"Othello" will be James' Center Stage debut. He was attracted to the theater in part through the recommendation of Stephen Markle, a Center Stage associate artist and actor who plays Iago in the current production.
Markle met James two years ago when they both appeared in a production of "Julius Caesar" at the Mark Taper Forum in Los Angeles. He recognized that he and James have a lot in common -- versatility, a sense of humor and a bond only two actors could share.
"Here we are at a certain age in a room in the middle of the night playing with guns and running around playing house, and the sense of that, and the knowledge of that, creates a kind of charm and charisma that's extremely powerful," Markle says.
The connection Markle feels with James is one reason he believes James is right for the role of Othello. Establishing a close relationship between Othello and Iago, Markle explains, is a key factor in making the play work, and that's easier when the two lead actors begin with an understanding of each other.
Acting may seem a long way from James' original career goal of becoming a lawyer. But looking back now, James feels that, for him, the law and theater are not that far apart. "I think I act for the intellectual stimulation and the effect it has on people, and I think of law the same way," he says.
This is not to suggest that James is a cultural elitist. He has never forgotten his mother's reaction when he told her he wanted to be an actor. "She said, 'I might have wished he chose something that's sort of easier on him because America's so brutal to its artists,' " he recalls. With that in mind, he has established a fairly lucrative secondary career doing voice-overs.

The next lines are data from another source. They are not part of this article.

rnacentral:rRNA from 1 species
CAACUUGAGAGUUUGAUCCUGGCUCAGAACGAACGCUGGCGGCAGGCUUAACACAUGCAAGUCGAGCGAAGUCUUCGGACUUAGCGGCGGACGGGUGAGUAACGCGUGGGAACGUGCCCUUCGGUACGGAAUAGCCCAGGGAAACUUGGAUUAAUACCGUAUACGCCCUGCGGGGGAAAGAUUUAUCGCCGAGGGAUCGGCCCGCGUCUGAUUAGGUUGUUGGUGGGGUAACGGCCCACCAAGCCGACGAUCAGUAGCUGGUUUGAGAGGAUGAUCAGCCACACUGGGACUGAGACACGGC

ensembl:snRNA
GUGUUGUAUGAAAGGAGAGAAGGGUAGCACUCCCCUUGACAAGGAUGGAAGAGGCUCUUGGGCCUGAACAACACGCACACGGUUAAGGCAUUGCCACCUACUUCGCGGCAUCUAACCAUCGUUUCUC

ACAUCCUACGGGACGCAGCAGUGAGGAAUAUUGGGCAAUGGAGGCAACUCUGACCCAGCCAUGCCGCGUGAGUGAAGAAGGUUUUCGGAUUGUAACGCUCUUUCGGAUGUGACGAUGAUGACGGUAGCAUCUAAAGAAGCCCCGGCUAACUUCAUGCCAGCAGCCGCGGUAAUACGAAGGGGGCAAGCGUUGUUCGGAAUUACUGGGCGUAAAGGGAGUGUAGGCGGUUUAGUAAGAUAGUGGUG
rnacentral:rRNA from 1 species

A recent day off was spent in New York doing a voice-over for Staples office supply stores, and his voice can also be heard on advertisements for the Dustbuster, as well as public service announcements about AIDS awareness.
"I have made more money in this business from saying, 'Does Route 70 go through Phoenix? Thanks,' for Ryder trucks, than I have made in any single endeavor," he says. "That's how you afford your bad habits like Shakespeare."
Where: Center Stage, 700 N. Calvert St.
When: At 8.pm. Tuesdays through Saturdays; at 7:30 p.m. Sundays; matinees at 2 p.m. most Saturdays and Sundays, and at 1 p.m. March 9. Through March 20. (Audio-described performance at 2 p.m. March 20; sign-interpreted performance at 2 p.m. March 12)
Call: (410) 332-0033; TDD: (410) 332-4240